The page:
The Un-American Essentialism of Donald Trump

The Republican candidate’s attacks on a federal judge directly undermine the principle on which America was founded.

Lucy Nicholson / Reuters

You can dance around the question of whether Donald Trump’s “he’s a Mexican” criticism of federal judge Gonzalo Curiel, born in Indiana, is technically “racist.” There is no such race as Mexican, after all, and the citizenry of Mexico ranges from blue-eyed blonds to those with dark skin and jet-black hair.

But what’s clear about Trump’s argument, and what is deeply un-American about it, is its essentialism. Trump is saying that because of who you are, in an ethnic or hereditary sense, he will make judgments about what you think and what role in society you can play. The related assumption, as Garrett Epps explains to irrebuttable effect, is that people’s public roles cannot be separated from their ethnic or religious identities. A “Mexican” judge will think and act as a Mexican, not as a judge.

There is no more un-American concept.

For citizens of the United States, essentialism should mean: Who you are, is American. And everything about your place in this society should depend on what you do and say, how you contribute and to what you aspire, rather than to whom you were born. This is the revolutionary American idea. It is the most truly exceptional part of American exceptionalism. And the long struggle of American history has been to match reality to that ideal. This is the concept of becoming a more perfect union laid out in the Constitution, which ranges from extirpating the original sin of slavery, to dealing with slavery’s ongoing effects, to the continuing effort to open opportunities, under fair conditions, for Americans regardless of background.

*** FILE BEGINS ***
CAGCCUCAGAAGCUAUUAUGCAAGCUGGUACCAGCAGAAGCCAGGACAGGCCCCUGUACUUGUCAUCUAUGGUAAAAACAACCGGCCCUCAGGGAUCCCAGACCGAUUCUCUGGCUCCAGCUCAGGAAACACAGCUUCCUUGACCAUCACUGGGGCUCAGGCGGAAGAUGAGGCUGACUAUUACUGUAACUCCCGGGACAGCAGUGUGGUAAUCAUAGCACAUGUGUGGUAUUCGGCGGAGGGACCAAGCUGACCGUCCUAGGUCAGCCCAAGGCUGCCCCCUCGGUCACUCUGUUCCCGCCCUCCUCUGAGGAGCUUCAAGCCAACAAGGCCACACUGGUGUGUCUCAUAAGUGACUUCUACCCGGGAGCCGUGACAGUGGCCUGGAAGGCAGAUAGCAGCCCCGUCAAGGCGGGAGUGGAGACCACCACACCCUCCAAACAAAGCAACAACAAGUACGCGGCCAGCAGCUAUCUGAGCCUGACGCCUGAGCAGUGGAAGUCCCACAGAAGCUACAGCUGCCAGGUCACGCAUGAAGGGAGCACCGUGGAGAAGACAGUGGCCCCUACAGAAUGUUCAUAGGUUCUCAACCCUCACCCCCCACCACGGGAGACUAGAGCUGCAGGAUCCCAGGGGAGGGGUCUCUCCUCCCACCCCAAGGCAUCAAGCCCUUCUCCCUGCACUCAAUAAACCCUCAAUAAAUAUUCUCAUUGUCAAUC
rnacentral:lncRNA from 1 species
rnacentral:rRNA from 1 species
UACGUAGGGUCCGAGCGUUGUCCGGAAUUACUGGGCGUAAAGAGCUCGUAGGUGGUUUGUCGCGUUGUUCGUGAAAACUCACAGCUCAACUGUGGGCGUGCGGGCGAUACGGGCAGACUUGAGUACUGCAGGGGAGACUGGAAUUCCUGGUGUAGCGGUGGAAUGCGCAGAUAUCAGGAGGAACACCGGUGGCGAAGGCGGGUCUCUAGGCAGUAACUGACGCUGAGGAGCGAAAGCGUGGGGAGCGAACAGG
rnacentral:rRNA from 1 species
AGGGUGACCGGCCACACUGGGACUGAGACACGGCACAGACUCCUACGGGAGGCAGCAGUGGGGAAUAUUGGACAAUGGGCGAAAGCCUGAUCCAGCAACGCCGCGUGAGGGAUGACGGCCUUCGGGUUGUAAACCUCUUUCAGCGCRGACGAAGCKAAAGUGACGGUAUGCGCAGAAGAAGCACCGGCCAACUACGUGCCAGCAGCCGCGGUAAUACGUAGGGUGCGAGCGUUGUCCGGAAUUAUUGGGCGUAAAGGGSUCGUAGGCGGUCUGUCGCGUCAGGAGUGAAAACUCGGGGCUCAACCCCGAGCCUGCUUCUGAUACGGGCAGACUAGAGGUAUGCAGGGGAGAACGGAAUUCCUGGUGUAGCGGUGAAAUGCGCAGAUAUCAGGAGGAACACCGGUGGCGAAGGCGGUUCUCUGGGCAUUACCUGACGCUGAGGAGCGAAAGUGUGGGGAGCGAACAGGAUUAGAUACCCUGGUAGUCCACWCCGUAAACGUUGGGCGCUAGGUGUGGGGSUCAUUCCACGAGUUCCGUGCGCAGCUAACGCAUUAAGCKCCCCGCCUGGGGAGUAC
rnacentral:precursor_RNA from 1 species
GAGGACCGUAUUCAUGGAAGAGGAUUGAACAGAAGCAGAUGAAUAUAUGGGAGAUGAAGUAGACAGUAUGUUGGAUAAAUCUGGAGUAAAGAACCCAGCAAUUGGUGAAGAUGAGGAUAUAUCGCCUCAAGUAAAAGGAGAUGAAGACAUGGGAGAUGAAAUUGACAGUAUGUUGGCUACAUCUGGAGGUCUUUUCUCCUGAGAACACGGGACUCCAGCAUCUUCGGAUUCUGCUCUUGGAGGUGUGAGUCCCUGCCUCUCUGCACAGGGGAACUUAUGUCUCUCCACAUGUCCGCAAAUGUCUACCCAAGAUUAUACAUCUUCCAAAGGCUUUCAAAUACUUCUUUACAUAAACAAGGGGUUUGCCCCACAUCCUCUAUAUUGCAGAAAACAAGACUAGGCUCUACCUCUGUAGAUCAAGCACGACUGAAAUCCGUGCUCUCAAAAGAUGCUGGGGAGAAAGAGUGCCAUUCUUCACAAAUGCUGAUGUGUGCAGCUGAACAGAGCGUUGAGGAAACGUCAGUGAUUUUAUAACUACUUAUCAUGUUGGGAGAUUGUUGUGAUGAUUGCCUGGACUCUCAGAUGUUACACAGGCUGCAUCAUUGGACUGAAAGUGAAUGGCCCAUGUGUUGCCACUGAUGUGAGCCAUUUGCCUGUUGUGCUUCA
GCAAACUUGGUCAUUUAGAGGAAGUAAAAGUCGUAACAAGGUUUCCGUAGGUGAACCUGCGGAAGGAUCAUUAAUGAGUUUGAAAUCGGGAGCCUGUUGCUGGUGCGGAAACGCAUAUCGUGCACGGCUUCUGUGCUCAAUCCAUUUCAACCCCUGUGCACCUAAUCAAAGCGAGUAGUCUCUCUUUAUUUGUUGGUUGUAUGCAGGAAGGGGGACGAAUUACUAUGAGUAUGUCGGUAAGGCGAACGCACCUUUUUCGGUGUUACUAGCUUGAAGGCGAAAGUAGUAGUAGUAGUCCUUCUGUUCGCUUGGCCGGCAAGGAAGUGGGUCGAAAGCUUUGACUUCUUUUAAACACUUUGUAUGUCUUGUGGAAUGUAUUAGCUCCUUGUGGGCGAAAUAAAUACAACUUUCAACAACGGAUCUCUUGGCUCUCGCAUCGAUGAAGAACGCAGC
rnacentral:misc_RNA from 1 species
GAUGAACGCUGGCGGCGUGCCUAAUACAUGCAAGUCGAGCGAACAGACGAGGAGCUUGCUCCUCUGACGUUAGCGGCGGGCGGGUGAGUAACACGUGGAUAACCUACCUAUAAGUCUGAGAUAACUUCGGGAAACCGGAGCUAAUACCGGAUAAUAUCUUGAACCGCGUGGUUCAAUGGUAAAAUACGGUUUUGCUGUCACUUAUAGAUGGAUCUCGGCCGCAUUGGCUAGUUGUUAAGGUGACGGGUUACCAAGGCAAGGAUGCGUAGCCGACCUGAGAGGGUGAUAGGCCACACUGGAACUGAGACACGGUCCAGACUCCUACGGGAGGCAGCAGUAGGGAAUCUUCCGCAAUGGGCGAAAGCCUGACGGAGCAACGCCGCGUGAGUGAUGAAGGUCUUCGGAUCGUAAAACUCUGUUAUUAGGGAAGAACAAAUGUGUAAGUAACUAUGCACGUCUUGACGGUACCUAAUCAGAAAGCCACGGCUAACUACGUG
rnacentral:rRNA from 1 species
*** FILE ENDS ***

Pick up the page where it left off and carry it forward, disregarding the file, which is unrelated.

It would be embarrassing and superfluous to bother spelling this out — except that the apparent Republican nominee for president has just waved the idea away. That is what he has done with his doubling-down, digging-in-deeper insistence that because a federal official “is a Mexican,” his official role is presumptively suspect.

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I wrote a book more than 25 years ago called More Like Us. Its subtitle, I note with both pride and chagrin, was “Making America Great Again.” But its argument is a book-length version of the few paragraphs above. The only “esssentialism” that should matter in this country is an acceptance of the essential rules of our pluralist democracy. A man with a chance to become president has revealed either ignorance of or contempt for this most important of American beliefs.

Update  I’ve received mail asking, in effect, how I can object to Donald Trump’s criticism of Judge Curiel based on who his parents were, and yet still think it important that institutions like the federal judiciary reflect at least some of the diversity of America’s population in their makeup. How can I be glad to have more women and non-whites appointed to the bench or elected to the Senate, if I think every person should be assessed independent of circumstances of birth?

I think it’s not that hard. As a society, we’ll be better governed if our representative institutions indeed represent the range of this varied society. But individual by individual, none of us should be assumed to be prisoners of the country our parents came from or the faith they or we profess.